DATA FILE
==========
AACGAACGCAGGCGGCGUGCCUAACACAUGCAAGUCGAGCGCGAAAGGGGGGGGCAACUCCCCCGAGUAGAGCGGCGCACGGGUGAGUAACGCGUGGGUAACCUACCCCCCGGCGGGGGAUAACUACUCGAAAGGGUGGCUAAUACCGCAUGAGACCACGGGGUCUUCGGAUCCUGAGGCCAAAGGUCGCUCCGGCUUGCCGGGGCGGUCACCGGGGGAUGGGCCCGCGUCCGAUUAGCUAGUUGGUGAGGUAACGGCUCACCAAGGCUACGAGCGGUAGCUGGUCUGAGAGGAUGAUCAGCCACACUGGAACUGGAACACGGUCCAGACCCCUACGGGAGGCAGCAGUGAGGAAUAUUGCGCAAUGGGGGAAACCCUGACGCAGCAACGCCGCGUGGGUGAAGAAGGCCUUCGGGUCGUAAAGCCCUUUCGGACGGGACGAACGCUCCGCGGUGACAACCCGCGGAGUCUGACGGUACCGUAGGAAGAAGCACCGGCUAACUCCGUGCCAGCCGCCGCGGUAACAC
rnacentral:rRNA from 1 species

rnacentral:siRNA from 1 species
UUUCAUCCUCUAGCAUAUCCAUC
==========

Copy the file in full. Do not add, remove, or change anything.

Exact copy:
AACGAACGCAGGCGGCGUGCCUAACACAUGCAAGUCGAGCGCGAAAGGGGGGGGCAACUCCCCCGAGUAGAGCGGCGCACGGGUGAGUAACGCGUGGGUAACCUACCCCCCGGCGGGGGAUAACUACUCGAAAGGGUGGCUAAUACCGCAUGAGACCACGGGGUCUUCGGAUCCUGAGGCCAAAGGUCGCUCCGGCUUGCCGGGGCGGUCACCGGGGGAUGGGCCCGCGUCCGAUUAGCUAGUUGGUGAGGUAACGGCUCACCAAGGCUACGAGCGGUAGCUGGUCUGAGAGGAUGAUCAGCCACACUGGAACUGGAACACGGUCCAGACCCCUACGGGAGGCAGCAGUGAGGAAUAUUGCGCAAUGGGGGAAACCCUGACGCAGCAACGCCGCGUGGGUGAAGAAGGCCUUCGGGUCGUAAAGCCCUUUCGGACGGGACGAACGCUCCGCGGUGACAACCCGCGGAGUCUGACGGUACCGUAGGAAGAAGCACCGGCUAACUCCGUGCCAGCCGCCGCGGUAACAC
rnacentral:rRNA from 1 species

rnacentral:siRNA from 1 species
UUUCAUCCUCUAGCAUAUCCAUC